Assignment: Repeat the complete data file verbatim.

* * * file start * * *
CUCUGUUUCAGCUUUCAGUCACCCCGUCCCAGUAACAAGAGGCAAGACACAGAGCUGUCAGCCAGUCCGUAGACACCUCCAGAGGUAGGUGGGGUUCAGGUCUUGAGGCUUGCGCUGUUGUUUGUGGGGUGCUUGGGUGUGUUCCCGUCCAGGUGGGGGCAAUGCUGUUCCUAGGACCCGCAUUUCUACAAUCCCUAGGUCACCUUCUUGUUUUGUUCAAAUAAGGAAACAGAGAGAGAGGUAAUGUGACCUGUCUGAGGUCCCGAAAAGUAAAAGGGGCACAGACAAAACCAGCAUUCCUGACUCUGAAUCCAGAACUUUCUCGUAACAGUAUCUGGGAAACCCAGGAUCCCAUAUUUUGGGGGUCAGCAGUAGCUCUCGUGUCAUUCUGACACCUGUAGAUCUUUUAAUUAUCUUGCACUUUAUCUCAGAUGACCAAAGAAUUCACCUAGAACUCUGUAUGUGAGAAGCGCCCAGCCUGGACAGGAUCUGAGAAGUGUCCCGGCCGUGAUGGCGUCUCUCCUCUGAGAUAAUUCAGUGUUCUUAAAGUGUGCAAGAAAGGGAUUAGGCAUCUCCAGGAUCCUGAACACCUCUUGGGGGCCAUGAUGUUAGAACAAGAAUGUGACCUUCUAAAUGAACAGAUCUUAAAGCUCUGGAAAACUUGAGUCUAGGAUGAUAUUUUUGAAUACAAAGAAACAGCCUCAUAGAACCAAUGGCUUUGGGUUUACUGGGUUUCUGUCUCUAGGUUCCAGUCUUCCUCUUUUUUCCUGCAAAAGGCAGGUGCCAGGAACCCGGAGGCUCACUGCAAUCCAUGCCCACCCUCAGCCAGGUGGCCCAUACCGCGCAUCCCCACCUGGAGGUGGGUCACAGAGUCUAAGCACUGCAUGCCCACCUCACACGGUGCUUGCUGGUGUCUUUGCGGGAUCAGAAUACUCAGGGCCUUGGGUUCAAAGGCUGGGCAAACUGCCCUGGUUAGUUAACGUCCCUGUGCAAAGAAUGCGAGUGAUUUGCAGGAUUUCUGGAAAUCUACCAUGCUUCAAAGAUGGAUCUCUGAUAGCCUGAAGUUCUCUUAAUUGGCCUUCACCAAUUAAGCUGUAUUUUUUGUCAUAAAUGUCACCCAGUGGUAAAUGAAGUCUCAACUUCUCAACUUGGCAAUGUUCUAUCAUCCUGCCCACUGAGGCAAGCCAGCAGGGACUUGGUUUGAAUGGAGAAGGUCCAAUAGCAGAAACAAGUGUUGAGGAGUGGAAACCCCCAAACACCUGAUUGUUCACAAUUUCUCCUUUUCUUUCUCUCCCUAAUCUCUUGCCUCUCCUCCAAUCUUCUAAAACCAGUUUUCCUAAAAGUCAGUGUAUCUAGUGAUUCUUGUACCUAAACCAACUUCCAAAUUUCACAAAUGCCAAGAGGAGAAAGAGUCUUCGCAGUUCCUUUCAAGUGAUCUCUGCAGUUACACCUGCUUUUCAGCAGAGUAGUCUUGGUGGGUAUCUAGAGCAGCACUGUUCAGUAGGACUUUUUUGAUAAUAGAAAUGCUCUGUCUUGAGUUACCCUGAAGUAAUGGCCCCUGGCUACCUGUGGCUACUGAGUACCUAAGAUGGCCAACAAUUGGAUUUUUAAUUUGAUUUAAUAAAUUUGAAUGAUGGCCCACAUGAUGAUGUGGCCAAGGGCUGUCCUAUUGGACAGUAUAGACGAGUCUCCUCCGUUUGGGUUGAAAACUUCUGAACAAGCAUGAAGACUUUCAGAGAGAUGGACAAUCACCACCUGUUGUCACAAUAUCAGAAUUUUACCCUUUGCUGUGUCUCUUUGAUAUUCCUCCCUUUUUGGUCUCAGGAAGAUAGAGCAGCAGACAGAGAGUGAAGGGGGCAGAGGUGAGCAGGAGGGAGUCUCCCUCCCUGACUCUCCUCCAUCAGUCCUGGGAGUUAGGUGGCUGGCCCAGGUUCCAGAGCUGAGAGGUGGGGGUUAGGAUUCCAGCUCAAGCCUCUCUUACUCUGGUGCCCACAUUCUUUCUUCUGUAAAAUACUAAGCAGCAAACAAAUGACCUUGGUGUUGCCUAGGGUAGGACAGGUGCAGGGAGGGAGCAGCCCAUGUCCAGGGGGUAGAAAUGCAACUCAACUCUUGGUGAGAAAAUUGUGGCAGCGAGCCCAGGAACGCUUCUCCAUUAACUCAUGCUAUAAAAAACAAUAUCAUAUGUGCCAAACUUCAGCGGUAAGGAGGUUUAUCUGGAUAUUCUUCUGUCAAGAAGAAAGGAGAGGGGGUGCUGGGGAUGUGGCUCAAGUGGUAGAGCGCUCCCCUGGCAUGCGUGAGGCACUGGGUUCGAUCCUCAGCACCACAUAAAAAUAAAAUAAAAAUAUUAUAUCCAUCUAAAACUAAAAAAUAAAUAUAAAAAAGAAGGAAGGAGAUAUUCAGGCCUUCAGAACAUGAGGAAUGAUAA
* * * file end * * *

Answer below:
CUCUGUUUCAGCUUUCAGUCACCCCGUCCCAGUAACAAGAGGCAAGACACAGAGCUGUCAGCCAGUCCGUAGACACCUCCAGAGGUAGGUGGGGUUCAGGUCUUGAGGCUUGCGCUGUUGUUUGUGGGGUGCUUGGGUGUGUUCCCGUCCAGGUGGGGGCAAUGCUGUUCCUAGGACCCGCAUUUCUACAAUCCCUAGGUCACCUUCUUGUUUUGUUCAAAUAAGGAAACAGAGAGAGAGGUAAUGUGACCUGUCUGAGGUCCCGAAAAGUAAAAGGGGCACAGACAAAACCAGCAUUCCUGACUCUGAAUCCAGAACUUUCUCGUAACAGUAUCUGGGAAACCCAGGAUCCCAUAUUUUGGGGGUCAGCAGUAGCUCUCGUGUCAUUCUGACACCUGUAGAUCUUUUAAUUAUCUUGCACUUUAUCUCAGAUGACCAAAGAAUUCACCUAGAACUCUGUAUGUGAGAAGCGCCCAGCCUGGACAGGAUCUGAGAAGUGUCCCGGCCGUGAUGGCGUCUCUCCUCUGAGAUAAUUCAGUGUUCUUAAAGUGUGCAAGAAAGGGAUUAGGCAUCUCCAGGAUCCUGAACACCUCUUGGGGGCCAUGAUGUUAGAACAAGAAUGUGACCUUCUAAAUGAACAGAUCUUAAAGCUCUGGAAAACUUGAGUCUAGGAUGAUAUUUUUGAAUACAAAGAAACAGCCUCAUAGAACCAAUGGCUUUGGGUUUACUGGGUUUCUGUCUCUAGGUUCCAGUCUUCCUCUUUUUUCCUGCAAAAGGCAGGUGCCAGGAACCCGGAGGCUCACUGCAAUCCAUGCCCACCCUCAGCCAGGUGGCCCAUACCGCGCAUCCCCACCUGGAGGUGGGUCACAGAGUCUAAGCACUGCAUGCCCACCUCACACGGUGCUUGCUGGUGUCUUUGCGGGAUCAGAAUACUCAGGGCCUUGGGUUCAAAGGCUGGGCAAACUGCCCUGGUUAGUUAACGUCCCUGUGCAAAGAAUGCGAGUGAUUUGCAGGAUUUCUGGAAAUCUACCAUGCUUCAAAGAUGGAUCUCUGAUAGCCUGAAGUUCUCUUAAUUGGCCUUCACCAAUUAAGCUGUAUUUUUUGUCAUAAAUGUCACCCAGUGGUAAAUGAAGUCUCAACUUCUCAACUUGGCAAUGUUCUAUCAUCCUGCCCACUGAGGCAAGCCAGCAGGGACUUGGUUUGAAUGGAGAAGGUCCAAUAGCAGAAACAAGUGUUGAGGAGUGGAAACCCCCAAACACCUGAUUGUUCACAAUUUCUCCUUUUCUUUCUCUCCCUAAUCUCUUGCCUCUCCUCCAAUCUUCUAAAACCAGUUUUCCUAAAAGUCAGUGUAUCUAGUGAUUCUUGUACCUAAACCAACUUCCAAAUUUCACAAAUGCCAAGAGGAGAAAGAGUCUUCGCAGUUCCUUUCAAGUGAUCUCUGCAGUUACACCUGCUUUUCAGCAGAGUAGUCUUGGUGGGUAUCUAGAGCAGCACUGUUCAGUAGGACUUUUUUGAUAAUAGAAAUGCUCUGUCUUGAGUUACCCUGAAGUAAUGGCCCCUGGCUACCUGUGGCUACUGAGUACCUAAGAUGGCCAACAAUUGGAUUUUUAAUUUGAUUUAAUAAAUUUGAAUGAUGGCCCACAUGAUGAUGUGGCCAAGGGCUGUCCUAUUGGACAGUAUAGACGAGUCUCCUCCGUUUGGGUUGAAAACUUCUGAACAAGCAUGAAGACUUUCAGAGAGAUGGACAAUCACCACCUGUUGUCACAAUAUCAGAAUUUUACCCUUUGCUGUGUCUCUUUGAUAUUCCUCCCUUUUUGGUCUCAGGAAGAUAGAGCAGCAGACAGAGAGUGAAGGGGGCAGAGGUGAGCAGGAGGGAGUCUCCCUCCCUGACUCUCCUCCAUCAGUCCUGGGAGUUAGGUGGCUGGCCCAGGUUCCAGAGCUGAGAGGUGGGGGUUAGGAUUCCAGCUCAAGCCUCUCUUACUCUGGUGCCCACAUUCUUUCUUCUGUAAAAUACUAAGCAGCAAACAAAUGACCUUGGUGUUGCCUAGGGUAGGACAGGUGCAGGGAGGGAGCAGCCCAUGUCCAGGGGGUAGAAAUGCAACUCAACUCUUGGUGAGAAAAUUGUGGCAGCGAGCCCAGGAACGCUUCUCCAUUAACUCAUGCUAUAAAAAACAAUAUCAUAUGUGCCAAACUUCAGCGGUAAGGAGGUUUAUCUGGAUAUUCUUCUGUCAAGAAGAAAGGAGAGGGGGUGCUGGGGAUGUGGCUCAAGUGGUAGAGCGCUCCCCUGGCAUGCGUGAGGCACUGGGUUCGAUCCUCAGCACCACAUAAAAAUAAAAUAAAAAUAUUAUAUCCAUCUAAAACUAAAAAAUAAAUAUAAAAAAGAAGGAAGGAGAUAUUCAGGCCUUCAGAACAUGAGGAAUGAUAA